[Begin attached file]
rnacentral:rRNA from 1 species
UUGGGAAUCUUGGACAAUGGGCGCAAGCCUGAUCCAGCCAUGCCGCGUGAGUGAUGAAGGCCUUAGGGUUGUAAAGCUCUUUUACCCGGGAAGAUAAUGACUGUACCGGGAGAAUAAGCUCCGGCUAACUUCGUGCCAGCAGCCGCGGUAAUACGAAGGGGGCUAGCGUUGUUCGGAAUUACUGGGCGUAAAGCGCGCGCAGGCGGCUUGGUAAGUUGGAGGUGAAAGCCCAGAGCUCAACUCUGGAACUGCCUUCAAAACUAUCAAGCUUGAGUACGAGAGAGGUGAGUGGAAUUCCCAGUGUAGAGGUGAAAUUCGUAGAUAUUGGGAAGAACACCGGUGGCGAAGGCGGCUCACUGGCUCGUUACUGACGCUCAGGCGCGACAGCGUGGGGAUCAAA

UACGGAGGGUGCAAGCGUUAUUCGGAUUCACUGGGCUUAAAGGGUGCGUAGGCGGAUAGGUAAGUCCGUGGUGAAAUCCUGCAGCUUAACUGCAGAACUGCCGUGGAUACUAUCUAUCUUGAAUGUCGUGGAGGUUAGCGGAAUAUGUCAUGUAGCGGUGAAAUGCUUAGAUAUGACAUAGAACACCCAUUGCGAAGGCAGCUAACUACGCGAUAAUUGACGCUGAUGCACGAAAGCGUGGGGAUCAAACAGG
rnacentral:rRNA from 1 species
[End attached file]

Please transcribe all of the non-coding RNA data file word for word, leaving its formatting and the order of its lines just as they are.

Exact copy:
rnacentral:rRNA from 1 species
UUGGGAAUCUUGGACAAUGGGCGCAAGCCUGAUCCAGCCAUGCCGCGUGAGUGAUGAAGGCCUUAGGGUUGUAAAGCUCUUUUACCCGGGAAGAUAAUGACUGUACCGGGAGAAUAAGCUCCGGCUAACUUCGUGCCAGCAGCCGCGGUAAUACGAAGGGGGCUAGCGUUGUUCGGAAUUACUGGGCGUAAAGCGCGCGCAGGCGGCUUGGUAAGUUGGAGGUGAAAGCCCAGAGCUCAACUCUGGAACUGCCUUCAAAACUAUCAAGCUUGAGUACGAGAGAGGUGAGUGGAAUUCCCAGUGUAGAGGUGAAAUUCGUAGAUAUUGGGAAGAACACCGGUGGCGAAGGCGGCUCACUGGCUCGUUACUGACGCUCAGGCGCGACAGCGUGGGGAUCAAA

UACGGAGGGUGCAAGCGUUAUUCGGAUUCACUGGGCUUAAAGGGUGCGUAGGCGGAUAGGUAAGUCCGUGGUGAAAUCCUGCAGCUUAACUGCAGAACUGCCGUGGAUACUAUCUAUCUUGAAUGUCGUGGAGGUUAGCGGAAUAUGUCAUGUAGCGGUGAAAUGCUUAGAUAUGACAUAGAACACCCAUUGCGAAGGCAGCUAACUACGCGAUAAUUGACGCUGAUGCACGAAAGCGUGGGGAUCAAACAGG
rnacentral:rRNA from 1 species